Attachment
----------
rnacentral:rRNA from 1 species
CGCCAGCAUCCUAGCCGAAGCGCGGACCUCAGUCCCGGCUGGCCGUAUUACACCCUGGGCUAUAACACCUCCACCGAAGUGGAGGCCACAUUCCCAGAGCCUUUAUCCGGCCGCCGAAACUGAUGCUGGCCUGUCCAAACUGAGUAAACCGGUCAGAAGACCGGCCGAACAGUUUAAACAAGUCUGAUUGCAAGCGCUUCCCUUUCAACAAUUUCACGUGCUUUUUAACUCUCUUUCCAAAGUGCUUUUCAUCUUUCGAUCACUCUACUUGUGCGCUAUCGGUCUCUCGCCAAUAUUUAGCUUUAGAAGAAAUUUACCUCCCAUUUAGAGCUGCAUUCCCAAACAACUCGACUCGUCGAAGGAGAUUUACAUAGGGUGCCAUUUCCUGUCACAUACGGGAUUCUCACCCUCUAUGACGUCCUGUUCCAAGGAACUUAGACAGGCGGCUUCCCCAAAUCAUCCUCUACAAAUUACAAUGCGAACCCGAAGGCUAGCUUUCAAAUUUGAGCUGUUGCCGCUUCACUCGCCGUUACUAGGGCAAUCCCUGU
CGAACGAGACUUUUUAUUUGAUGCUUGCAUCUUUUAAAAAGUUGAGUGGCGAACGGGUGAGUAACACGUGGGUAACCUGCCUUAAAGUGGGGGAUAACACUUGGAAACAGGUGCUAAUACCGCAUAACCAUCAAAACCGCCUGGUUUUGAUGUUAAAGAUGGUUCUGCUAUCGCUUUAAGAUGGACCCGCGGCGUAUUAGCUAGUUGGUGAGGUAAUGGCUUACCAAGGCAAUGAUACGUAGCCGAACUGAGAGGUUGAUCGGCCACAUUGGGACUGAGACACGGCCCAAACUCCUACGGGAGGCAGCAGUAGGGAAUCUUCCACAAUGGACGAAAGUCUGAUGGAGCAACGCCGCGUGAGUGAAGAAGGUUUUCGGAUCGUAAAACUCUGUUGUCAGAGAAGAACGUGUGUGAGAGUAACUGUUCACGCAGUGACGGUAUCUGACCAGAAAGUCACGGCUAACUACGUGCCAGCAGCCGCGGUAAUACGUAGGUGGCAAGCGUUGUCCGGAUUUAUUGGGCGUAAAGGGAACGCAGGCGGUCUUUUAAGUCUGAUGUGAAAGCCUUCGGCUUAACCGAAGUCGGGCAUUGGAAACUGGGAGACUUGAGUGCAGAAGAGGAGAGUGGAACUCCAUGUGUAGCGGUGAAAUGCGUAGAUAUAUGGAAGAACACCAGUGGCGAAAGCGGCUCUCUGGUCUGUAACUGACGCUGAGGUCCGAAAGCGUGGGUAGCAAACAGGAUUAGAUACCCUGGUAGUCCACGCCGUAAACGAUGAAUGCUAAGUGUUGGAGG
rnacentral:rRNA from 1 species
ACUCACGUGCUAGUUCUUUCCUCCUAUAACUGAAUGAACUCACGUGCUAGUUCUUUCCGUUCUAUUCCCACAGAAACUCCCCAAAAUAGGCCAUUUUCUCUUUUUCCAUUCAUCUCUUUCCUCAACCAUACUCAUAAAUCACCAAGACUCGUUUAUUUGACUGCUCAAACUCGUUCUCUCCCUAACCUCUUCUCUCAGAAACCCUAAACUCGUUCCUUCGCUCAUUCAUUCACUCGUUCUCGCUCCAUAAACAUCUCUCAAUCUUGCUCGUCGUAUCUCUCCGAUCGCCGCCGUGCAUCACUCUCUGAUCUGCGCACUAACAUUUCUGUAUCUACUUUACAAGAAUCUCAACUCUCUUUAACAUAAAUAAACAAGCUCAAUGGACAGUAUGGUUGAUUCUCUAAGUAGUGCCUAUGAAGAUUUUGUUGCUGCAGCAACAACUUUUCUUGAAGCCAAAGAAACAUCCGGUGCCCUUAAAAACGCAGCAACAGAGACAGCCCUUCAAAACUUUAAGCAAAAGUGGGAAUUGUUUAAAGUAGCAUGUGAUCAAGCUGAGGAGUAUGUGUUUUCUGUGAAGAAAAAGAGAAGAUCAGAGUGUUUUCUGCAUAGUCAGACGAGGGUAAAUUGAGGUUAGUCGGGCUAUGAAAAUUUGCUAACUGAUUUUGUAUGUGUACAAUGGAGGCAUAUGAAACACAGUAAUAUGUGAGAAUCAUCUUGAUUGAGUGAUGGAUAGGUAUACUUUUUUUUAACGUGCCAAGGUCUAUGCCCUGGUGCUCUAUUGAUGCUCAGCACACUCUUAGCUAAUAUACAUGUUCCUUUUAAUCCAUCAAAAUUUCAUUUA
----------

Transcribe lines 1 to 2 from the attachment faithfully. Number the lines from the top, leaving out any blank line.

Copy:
rnacentral:rRNA from 1 species
CGCCAGCAUCCUAGCCGAAGCGCGGACCUCAGUCCCGGCUGGCCGUAUUACACCCUGGGCUAUAACACCUCCACCGAAGUGGAGGCCACAUUCCCAGAGCCUUUAUCCGGCCGCCGAAACUGAUGCUGGCCUGUCCAAACUGAGUAAACCGGUCAGAAGACCGGCCGAACAGUUUAAACAAGUCUGAUUGCAAGCGCUUCCCUUUCAACAAUUUCACGUGCUUUUUAACUCUCUUUCCAAAGUGCUUUUCAUCUUUCGAUCACUCUACUUGUGCGCUAUCGGUCUCUCGCCAAUAUUUAGCUUUAGAAGAAAUUUACCUCCCAUUUAGAGCUGCAUUCCCAAACAACUCGACUCGUCGAAGGAGAUUUACAUAGGGUGCCAUUUCCUGUCACAUACGGGAUUCUCACCCUCUAUGACGUCCUGUUCCAAGGAACUUAGACAGGCGGCUUCCCCAAAUCAUCCUCUACAAAUUACAAUGCGAACCCGAAGGCUAGCUUUCAAAUUUGAGCUGUUGCCGCUUCACUCGCCGUUACUAGGGCAAUCCCUGU